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Romans 2:29

ESV But a Jew is one inwardly, and circumcision is a matter of the heart, by the Spirit, not by the letter. His praise is not from man but from God.
NIV No, a person is a Jew who is one inwardly; and circumcision is circumcision of the heart, by the Spirit, not by the written code. Such a person's praise is not from other people, but from God.
NASB But he is a Jew who is one inwardly; and circumcision is of the heart, by the Spirit, not by the letter; and his praise is not from people, but from God.
CSB On the contrary, a person is a Jew who is one inwardly, and circumcision is of the heart--by the Spirit, not the letter. That person's praise is not from people but from God.
NLT No, a true Jew is one whose heart is right with God. And true circumcision is not merely obeying the letter of the law; rather, it is a change of heart produced by the Spirit. And a person with a changed heart seeks praise from God, not from people.
KJV But he is a Jew, which is one inwardly; and circumcision is that of the heart, in the spirit, and not in the letter; whose praise is not of men, but of God.

What does Romans 2:29 mean?

Paul concludes this section by defining what is required to be truly Jewish. Paul was born Jewish, lived as a devout Pharisee (Philippians 3:4–7), and was converted to faith in Christ for his salvation. He is more than fully qualified to address this issue. Paul has recently indicated that true Jewishness is not about mere birth and circumcision. Circumcision, likewise, is not "outward and physical."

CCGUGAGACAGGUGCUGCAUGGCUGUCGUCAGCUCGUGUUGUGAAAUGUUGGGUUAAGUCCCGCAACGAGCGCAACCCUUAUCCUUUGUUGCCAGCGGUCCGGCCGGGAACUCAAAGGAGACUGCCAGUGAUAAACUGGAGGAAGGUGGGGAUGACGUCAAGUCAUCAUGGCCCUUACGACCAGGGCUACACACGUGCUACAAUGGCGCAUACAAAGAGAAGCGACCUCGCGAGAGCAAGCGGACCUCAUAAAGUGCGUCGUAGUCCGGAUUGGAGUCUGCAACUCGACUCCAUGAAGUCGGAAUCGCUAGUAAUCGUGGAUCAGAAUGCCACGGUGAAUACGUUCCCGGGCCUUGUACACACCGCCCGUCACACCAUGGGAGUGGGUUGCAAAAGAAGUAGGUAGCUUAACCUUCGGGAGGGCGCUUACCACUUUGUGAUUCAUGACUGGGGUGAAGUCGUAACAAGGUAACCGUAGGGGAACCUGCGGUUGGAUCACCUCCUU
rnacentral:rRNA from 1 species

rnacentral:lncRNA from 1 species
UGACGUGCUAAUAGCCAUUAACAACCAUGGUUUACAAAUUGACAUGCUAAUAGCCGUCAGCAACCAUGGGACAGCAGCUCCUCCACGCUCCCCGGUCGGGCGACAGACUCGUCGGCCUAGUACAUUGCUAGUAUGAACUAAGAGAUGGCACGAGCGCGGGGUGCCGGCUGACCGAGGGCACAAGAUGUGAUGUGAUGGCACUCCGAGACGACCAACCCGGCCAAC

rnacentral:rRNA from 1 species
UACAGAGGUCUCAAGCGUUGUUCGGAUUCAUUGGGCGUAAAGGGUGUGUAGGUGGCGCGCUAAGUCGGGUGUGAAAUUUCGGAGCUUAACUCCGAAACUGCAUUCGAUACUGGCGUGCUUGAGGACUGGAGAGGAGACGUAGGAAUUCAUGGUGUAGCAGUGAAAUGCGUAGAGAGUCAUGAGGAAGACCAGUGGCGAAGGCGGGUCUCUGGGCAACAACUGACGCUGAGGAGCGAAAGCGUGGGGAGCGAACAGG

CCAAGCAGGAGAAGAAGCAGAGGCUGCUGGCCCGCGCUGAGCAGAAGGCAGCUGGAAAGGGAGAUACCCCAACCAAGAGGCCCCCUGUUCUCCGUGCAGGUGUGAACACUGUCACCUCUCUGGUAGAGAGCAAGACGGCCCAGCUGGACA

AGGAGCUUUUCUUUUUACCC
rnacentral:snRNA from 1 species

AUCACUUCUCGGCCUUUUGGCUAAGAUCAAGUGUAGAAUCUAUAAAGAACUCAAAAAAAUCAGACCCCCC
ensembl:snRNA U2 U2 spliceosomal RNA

Now he states the positive side of this claim. True Jewishness, to be included in the people of God, happens inwardly. True circumcision is about the sincere heart of a person. That circumcision is "by the Spirit, not by the letter."

Bible scholars disagree about whether the word spirit in this verse should be capitalized. In other words, is it talking about Holy Spirit or not? If so, then Paul is saying that this heart circumcision, this being set apart as a member of God's family, is carried out by God's Holy Spirit. That fits with other passages that describe the role of the Holy Spirit in salvation. If Paul is referring to the Holy Spirit, this is his first mention of Christian salvation.

The alternative is that Paul is referring to someone being circumcised in their own spirit, not by following the mechanical requirements: "the letter of the law." Or, perhaps Paul means that this heart circumcision is about following the spirit of the law and not about the letter of the law.

In any case, true Jewishness is about what happens inside a person and not just about being born an Israelite and being circumcised. Paul insists that Jewishness must be sincere from the inside out. This basic principle applies to Christian faith, as well. Labels and behaviors are not what matter; it is faith which identifies us as a true believer.

When it is sincere, when a person is circumcised in their heart and set apart with God's people, that person is praised by God. After all, God knows our hearts. Otherwise, this person receives praise only from men who see the outside actions of a person that may or may not be sincere. The praise of men is far less valuable than to be praised by the God who truly knows us.
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